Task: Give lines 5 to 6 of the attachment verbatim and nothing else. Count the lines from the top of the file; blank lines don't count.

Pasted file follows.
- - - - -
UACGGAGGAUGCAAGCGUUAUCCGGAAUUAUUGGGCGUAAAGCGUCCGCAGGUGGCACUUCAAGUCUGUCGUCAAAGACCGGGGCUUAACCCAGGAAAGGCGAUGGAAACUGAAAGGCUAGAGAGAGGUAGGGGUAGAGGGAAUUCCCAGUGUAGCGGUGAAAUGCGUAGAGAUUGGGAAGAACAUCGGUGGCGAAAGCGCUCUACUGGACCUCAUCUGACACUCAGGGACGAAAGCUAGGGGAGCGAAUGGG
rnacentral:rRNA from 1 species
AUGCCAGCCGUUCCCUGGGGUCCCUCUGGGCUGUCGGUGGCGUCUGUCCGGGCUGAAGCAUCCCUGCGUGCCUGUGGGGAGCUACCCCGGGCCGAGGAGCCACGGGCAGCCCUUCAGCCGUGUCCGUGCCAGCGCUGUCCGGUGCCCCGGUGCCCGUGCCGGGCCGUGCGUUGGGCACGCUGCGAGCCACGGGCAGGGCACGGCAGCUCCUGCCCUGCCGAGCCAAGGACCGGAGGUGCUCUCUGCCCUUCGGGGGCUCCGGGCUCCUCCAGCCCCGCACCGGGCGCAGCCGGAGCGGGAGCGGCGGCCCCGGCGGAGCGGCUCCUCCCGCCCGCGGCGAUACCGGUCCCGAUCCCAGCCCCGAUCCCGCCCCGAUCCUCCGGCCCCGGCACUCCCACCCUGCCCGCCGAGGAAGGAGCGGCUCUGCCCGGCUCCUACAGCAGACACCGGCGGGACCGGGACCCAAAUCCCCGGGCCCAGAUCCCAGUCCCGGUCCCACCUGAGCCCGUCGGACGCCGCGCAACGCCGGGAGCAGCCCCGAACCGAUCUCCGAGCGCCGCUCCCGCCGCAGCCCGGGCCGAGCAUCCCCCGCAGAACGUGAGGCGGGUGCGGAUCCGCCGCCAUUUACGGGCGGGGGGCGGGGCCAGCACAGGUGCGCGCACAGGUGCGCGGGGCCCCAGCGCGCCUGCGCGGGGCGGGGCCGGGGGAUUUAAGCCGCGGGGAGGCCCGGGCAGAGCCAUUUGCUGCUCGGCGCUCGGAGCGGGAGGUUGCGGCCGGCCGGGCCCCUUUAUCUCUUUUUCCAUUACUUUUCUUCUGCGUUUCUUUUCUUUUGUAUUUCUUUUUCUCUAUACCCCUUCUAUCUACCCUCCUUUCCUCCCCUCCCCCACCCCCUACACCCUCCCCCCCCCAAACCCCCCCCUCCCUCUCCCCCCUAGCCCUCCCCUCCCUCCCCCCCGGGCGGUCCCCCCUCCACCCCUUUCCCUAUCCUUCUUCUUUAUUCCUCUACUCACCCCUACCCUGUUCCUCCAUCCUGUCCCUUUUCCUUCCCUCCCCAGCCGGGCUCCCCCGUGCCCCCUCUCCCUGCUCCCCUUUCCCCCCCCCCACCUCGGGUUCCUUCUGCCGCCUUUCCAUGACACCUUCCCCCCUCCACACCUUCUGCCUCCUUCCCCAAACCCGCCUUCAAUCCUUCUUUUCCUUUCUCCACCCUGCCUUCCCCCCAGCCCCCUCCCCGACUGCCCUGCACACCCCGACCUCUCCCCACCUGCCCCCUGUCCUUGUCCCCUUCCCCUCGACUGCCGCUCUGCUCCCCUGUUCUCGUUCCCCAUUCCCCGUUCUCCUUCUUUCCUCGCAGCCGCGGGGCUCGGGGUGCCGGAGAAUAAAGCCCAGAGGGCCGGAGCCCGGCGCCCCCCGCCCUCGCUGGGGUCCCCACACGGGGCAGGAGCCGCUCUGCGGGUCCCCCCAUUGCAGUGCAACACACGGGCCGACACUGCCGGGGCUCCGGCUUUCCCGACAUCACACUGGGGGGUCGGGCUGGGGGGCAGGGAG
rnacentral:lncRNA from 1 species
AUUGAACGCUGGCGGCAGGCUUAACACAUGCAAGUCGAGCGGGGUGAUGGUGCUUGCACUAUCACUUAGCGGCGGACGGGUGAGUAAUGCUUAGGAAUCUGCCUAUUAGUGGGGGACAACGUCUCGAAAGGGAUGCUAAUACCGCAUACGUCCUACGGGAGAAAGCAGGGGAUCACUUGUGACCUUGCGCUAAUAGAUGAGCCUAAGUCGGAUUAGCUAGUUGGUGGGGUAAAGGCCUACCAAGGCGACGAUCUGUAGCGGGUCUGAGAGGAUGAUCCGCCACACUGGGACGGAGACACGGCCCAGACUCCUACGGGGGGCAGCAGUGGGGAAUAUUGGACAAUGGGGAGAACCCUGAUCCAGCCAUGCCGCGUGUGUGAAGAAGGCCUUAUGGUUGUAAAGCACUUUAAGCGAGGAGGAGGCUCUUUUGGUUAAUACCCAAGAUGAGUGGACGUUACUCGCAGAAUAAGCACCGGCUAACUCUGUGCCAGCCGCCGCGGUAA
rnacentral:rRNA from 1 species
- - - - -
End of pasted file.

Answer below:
AUUGAACGCUGGCGGCAGGCUUAACACAUGCAAGUCGAGCGGGGUGAUGGUGCUUGCACUAUCACUUAGCGGCGGACGGGUGAGUAAUGCUUAGGAAUCUGCCUAUUAGUGGGGGACAACGUCUCGAAAGGGAUGCUAAUACCGCAUACGUCCUACGGGAGAAAGCAGGGGAUCACUUGUGACCUUGCGCUAAUAGAUGAGCCUAAGUCGGAUUAGCUAGUUGGUGGGGUAAAGGCCUACCAAGGCGACGAUCUGUAGCGGGUCUGAGAGGAUGAUCCGCCACACUGGGACGGAGACACGGCCCAGACUCCUACGGGGGGCAGCAGUGGGGAAUAUUGGACAAUGGGGAGAACCCUGAUCCAGCCAUGCCGCGUGUGUGAAGAAGGCCUUAUGGUUGUAAAGCACUUUAAGCGAGGAGGAGGCUCUUUUGGUUAAUACCCAAGAUGAGUGGACGUUACUCGCAGAAUAAGCACCGGCUAACUCUGUGCCAGCCGCCGCGGUAA
rnacentral:rRNA from 1 species